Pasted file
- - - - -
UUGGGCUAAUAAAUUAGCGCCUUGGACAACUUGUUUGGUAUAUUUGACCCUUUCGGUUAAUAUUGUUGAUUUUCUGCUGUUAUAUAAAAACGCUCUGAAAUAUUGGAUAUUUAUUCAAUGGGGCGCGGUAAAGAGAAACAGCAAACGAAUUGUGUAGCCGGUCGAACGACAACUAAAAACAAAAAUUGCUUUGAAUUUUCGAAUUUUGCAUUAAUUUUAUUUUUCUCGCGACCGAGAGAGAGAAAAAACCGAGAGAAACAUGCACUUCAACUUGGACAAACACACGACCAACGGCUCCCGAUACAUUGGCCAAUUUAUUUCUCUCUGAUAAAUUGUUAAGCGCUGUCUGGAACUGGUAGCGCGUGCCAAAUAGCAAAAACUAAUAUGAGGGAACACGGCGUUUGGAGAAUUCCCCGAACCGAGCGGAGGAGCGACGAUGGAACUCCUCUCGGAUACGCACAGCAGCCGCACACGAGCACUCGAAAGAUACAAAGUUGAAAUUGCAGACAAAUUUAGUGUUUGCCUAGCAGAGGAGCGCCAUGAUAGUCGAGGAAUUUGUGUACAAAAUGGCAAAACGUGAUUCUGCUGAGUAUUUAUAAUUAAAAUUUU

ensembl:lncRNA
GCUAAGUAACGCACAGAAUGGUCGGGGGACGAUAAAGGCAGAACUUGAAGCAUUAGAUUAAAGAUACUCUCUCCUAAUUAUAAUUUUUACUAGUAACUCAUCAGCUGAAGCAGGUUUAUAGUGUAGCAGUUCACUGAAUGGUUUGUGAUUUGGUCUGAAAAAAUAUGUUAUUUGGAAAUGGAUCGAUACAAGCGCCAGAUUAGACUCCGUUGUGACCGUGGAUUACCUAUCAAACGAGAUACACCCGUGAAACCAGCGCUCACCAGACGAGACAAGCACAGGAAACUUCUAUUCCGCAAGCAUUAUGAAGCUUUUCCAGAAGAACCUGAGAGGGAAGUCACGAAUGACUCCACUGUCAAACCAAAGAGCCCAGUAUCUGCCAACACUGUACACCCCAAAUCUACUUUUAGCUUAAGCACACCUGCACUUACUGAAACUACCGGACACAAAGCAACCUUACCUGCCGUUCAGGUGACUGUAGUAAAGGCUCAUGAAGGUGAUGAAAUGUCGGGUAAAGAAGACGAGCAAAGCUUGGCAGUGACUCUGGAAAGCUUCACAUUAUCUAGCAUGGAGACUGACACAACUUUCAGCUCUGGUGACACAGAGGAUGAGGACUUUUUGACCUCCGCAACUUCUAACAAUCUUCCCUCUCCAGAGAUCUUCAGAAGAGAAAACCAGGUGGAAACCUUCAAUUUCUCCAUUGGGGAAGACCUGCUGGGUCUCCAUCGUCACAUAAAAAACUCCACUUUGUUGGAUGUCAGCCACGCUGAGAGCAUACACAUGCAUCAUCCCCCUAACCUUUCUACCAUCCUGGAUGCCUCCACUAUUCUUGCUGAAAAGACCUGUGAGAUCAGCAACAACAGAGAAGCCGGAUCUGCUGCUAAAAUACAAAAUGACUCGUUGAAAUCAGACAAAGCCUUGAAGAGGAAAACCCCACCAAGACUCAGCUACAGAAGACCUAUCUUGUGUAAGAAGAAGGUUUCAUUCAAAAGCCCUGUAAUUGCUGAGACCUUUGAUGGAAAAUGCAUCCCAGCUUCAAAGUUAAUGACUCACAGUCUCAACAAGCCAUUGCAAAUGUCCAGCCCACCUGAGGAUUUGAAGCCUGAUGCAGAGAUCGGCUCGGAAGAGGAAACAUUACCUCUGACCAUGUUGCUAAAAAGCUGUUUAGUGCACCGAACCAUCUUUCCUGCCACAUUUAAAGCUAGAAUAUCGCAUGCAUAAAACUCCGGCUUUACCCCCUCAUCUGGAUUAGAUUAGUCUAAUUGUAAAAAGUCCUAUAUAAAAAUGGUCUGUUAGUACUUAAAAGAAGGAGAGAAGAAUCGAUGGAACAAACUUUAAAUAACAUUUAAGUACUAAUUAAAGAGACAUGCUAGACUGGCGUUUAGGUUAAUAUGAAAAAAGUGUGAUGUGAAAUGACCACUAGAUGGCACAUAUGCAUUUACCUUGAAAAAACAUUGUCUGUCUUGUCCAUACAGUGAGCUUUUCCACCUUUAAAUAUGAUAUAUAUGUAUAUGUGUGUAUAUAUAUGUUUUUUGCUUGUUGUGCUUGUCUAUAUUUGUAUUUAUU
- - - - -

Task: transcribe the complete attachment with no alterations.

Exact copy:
UUGGGCUAAUAAAUUAGCGCCUUGGACAACUUGUUUGGUAUAUUUGACCCUUUCGGUUAAUAUUGUUGAUUUUCUGCUGUUAUAUAAAAACGCUCUGAAAUAUUGGAUAUUUAUUCAAUGGGGCGCGGUAAAGAGAAACAGCAAACGAAUUGUGUAGCCGGUCGAACGACAACUAAAAACAAAAAUUGCUUUGAAUUUUCGAAUUUUGCAUUAAUUUUAUUUUUCUCGCGACCGAGAGAGAGAAAAAACCGAGAGAAACAUGCACUUCAACUUGGACAAACACACGACCAACGGCUCCCGAUACAUUGGCCAAUUUAUUUCUCUCUGAUAAAUUGUUAAGCGCUGUCUGGAACUGGUAGCGCGUGCCAAAUAGCAAAAACUAAUAUGAGGGAACACGGCGUUUGGAGAAUUCCCCGAACCGAGCGGAGGAGCGACGAUGGAACUCCUCUCGGAUACGCACAGCAGCCGCACACGAGCACUCGAAAGAUACAAAGUUGAAAUUGCAGACAAAUUUAGUGUUUGCCUAGCAGAGGAGCGCCAUGAUAGUCGAGGAAUUUGUGUACAAAAUGGCAAAACGUGAUUCUGCUGAGUAUUUAUAAUUAAAAUUUU

ensembl:lncRNA
GCUAAGUAACGCACAGAAUGGUCGGGGGACGAUAAAGGCAGAACUUGAAGCAUUAGAUUAAAGAUACUCUCUCCUAAUUAUAAUUUUUACUAGUAACUCAUCAGCUGAAGCAGGUUUAUAGUGUAGCAGUUCACUGAAUGGUUUGUGAUUUGGUCUGAAAAAAUAUGUUAUUUGGAAAUGGAUCGAUACAAGCGCCAGAUUAGACUCCGUUGUGACCGUGGAUUACCUAUCAAACGAGAUACACCCGUGAAACCAGCGCUCACCAGACGAGACAAGCACAGGAAACUUCUAUUCCGCAAGCAUUAUGAAGCUUUUCCAGAAGAACCUGAGAGGGAAGUCACGAAUGACUCCACUGUCAAACCAAAGAGCCCAGUAUCUGCCAACACUGUACACCCCAAAUCUACUUUUAGCUUAAGCACACCUGCACUUACUGAAACUACCGGACACAAAGCAACCUUACCUGCCGUUCAGGUGACUGUAGUAAAGGCUCAUGAAGGUGAUGAAAUGUCGGGUAAAGAAGACGAGCAAAGCUUGGCAGUGACUCUGGAAAGCUUCACAUUAUCUAGCAUGGAGACUGACACAACUUUCAGCUCUGGUGACACAGAGGAUGAGGACUUUUUGACCUCCGCAACUUCUAACAAUCUUCCCUCUCCAGAGAUCUUCAGAAGAGAAAACCAGGUGGAAACCUUCAAUUUCUCCAUUGGGGAAGACCUGCUGGGUCUCCAUCGUCACAUAAAAAACUCCACUUUGUUGGAUGUCAGCCACGCUGAGAGCAUACACAUGCAUCAUCCCCCUAACCUUUCUACCAUCCUGGAUGCCUCCACUAUUCUUGCUGAAAAGACCUGUGAGAUCAGCAACAACAGAGAAGCCGGAUCUGCUGCUAAAAUACAAAAUGACUCGUUGAAAUCAGACAAAGCCUUGAAGAGGAAAACCCCACCAAGACUCAGCUACAGAAGACCUAUCUUGUGUAAGAAGAAGGUUUCAUUCAAAAGCCCUGUAAUUGCUGAGACCUUUGAUGGAAAAUGCAUCCCAGCUUCAAAGUUAAUGACUCACAGUCUCAACAAGCCAUUGCAAAUGUCCAGCCCACCUGAGGAUUUGAAGCCUGAUGCAGAGAUCGGCUCGGAAGAGGAAACAUUACCUCUGACCAUGUUGCUAAAAAGCUGUUUAGUGCACCGAACCAUCUUUCCUGCCACAUUUAAAGCUAGAAUAUCGCAUGCAUAAAACUCCGGCUUUACCCCCUCAUCUGGAUUAGAUUAGUCUAAUUGUAAAAAGUCCUAUAUAAAAAUGGUCUGUUAGUACUUAAAAGAAGGAGAGAAGAAUCGAUGGAACAAACUUUAAAUAACAUUUAAGUACUAAUUAAAGAGACAUGCUAGACUGGCGUUUAGGUUAAUAUGAAAAAAGUGUGAUGUGAAAUGACCACUAGAUGGCACAUAUGCAUUUACCUUGAAAAAACAUUGUCUGUCUUGUCCAUACAGUGAGCUUUUCCACCUUUAAAUAUGAUAUAUAUGUAUAUGUGUGUAUAUAUAUGUUUUUUGCUUGUUGUGCUUGUCUAUAUUUGUAUUUAUU